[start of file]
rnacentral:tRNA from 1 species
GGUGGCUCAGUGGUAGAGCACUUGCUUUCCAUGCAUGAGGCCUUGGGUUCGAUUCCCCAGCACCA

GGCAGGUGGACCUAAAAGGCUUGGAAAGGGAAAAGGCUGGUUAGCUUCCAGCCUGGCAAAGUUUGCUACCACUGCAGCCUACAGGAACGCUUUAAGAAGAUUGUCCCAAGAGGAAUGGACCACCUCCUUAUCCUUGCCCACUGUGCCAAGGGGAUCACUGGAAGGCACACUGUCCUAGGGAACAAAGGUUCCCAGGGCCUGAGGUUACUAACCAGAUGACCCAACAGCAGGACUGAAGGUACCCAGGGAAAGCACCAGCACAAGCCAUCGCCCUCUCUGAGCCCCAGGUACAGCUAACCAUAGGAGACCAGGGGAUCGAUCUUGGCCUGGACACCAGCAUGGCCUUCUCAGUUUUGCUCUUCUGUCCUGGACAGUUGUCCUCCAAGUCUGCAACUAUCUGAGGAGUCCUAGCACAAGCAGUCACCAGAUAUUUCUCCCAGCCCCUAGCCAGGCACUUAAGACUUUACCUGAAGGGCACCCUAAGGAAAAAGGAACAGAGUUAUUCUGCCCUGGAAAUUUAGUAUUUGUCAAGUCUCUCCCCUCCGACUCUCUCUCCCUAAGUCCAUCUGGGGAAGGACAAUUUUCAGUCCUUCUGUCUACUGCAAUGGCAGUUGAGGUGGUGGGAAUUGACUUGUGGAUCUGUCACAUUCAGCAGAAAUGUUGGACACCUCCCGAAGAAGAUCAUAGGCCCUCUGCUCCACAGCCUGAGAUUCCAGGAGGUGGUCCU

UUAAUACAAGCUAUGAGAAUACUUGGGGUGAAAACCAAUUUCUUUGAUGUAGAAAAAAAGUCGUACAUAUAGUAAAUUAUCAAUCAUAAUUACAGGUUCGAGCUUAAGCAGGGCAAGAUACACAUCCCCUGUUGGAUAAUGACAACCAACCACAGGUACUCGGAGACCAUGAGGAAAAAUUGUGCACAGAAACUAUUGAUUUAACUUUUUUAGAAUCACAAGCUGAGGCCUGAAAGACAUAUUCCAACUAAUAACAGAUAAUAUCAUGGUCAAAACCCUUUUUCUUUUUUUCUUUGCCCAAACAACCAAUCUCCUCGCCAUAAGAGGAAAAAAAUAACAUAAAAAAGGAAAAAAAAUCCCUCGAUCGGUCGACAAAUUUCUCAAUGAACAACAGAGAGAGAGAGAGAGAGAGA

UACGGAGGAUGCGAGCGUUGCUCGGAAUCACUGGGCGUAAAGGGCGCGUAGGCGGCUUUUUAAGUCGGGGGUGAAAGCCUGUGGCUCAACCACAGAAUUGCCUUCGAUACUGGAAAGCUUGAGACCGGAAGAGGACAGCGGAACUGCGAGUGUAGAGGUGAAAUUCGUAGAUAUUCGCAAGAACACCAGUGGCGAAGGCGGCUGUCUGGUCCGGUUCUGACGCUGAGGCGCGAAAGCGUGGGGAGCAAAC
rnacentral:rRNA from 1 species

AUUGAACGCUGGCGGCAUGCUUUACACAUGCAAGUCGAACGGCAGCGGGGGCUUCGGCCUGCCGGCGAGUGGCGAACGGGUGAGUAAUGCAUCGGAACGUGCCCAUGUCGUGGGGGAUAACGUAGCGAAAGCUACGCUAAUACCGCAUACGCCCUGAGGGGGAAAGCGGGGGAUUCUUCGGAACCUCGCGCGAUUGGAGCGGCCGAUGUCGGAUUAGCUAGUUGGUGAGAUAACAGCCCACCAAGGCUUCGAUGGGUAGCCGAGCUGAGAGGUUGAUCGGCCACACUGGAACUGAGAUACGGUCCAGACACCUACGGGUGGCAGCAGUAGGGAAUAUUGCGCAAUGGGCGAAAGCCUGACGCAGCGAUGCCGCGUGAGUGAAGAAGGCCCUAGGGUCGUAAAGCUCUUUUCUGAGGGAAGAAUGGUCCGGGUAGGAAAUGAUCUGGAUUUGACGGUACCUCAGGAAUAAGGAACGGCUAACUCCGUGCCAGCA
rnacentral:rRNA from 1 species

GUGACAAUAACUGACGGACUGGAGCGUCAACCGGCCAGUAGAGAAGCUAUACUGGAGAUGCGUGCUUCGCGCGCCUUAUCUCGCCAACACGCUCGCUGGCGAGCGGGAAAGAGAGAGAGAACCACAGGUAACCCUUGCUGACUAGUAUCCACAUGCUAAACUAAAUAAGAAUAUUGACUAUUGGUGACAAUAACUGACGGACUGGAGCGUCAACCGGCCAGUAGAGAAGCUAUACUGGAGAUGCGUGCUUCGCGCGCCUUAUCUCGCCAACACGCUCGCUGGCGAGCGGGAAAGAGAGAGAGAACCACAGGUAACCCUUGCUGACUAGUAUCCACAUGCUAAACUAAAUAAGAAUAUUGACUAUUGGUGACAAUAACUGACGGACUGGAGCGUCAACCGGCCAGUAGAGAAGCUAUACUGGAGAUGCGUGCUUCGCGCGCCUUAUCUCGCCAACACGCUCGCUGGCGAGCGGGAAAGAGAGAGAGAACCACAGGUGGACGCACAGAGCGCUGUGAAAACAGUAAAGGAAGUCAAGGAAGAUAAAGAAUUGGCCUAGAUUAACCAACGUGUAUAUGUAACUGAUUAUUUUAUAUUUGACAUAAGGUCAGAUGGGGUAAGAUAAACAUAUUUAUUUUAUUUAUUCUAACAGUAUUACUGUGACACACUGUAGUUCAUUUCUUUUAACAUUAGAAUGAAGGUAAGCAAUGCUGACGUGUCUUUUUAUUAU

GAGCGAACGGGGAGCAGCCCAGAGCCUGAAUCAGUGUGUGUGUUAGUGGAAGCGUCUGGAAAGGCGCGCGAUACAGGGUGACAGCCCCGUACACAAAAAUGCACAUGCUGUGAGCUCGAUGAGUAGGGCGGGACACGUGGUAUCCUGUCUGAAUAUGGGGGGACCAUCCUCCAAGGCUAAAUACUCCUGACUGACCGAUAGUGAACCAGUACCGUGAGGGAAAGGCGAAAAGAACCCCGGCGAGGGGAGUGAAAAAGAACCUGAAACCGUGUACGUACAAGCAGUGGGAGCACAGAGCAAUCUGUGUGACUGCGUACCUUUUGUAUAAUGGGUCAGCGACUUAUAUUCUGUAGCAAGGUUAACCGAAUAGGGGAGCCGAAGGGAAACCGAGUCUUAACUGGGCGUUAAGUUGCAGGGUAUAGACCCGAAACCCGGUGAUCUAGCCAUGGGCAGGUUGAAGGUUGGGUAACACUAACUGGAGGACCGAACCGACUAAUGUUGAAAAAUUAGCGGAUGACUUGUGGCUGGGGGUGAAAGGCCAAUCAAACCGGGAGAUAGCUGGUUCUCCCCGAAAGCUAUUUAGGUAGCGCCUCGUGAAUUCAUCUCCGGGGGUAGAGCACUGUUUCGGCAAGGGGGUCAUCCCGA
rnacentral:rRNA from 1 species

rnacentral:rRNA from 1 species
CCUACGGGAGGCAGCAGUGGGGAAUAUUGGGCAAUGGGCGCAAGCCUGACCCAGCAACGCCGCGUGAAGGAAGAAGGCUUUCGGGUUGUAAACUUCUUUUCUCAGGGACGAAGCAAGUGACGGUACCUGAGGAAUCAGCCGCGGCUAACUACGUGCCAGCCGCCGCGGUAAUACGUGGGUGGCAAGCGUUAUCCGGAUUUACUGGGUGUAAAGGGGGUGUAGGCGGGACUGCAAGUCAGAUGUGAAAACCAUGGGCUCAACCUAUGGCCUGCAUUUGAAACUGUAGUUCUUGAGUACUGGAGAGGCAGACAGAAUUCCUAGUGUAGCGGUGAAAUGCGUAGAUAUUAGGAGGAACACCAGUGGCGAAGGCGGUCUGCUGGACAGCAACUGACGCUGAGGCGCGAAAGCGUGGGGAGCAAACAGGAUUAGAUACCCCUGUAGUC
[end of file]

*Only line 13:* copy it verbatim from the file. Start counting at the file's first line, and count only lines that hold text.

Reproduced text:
CCUACGGGAGGCAGCAGUGGGGAAUAUUGGGCAAUGGGCGCAAGCCUGACCCAGCAACGCCGCGUGAAGGAAGAAGGCUUUCGGGUUGUAAACUUCUUUUCUCAGGGACGAAGCAAGUGACGGUACCUGAGGAAUCAGCCGCGGCUAACUACGUGCCAGCCGCCGCGGUAAUACGUGGGUGGCAAGCGUUAUCCGGAUUUACUGGGUGUAAAGGGGGUGUAGGCGGGACUGCAAGUCAGAUGUGAAAACCAUGGGCUCAACCUAUGGCCUGCAUUUGAAACUGUAGUUCUUGAGUACUGGAGAGGCAGACAGAAUUCCUAGUGUAGCGGUGAAAUGCGUAGAUAUUAGGAGGAACACCAGUGGCGAAGGCGGUCUGCUGGACAGCAACUGACGCUGAGGCGCGAAAGCGUGGGGAGCAAACAGGAUUAGAUACCCCUGUAGUC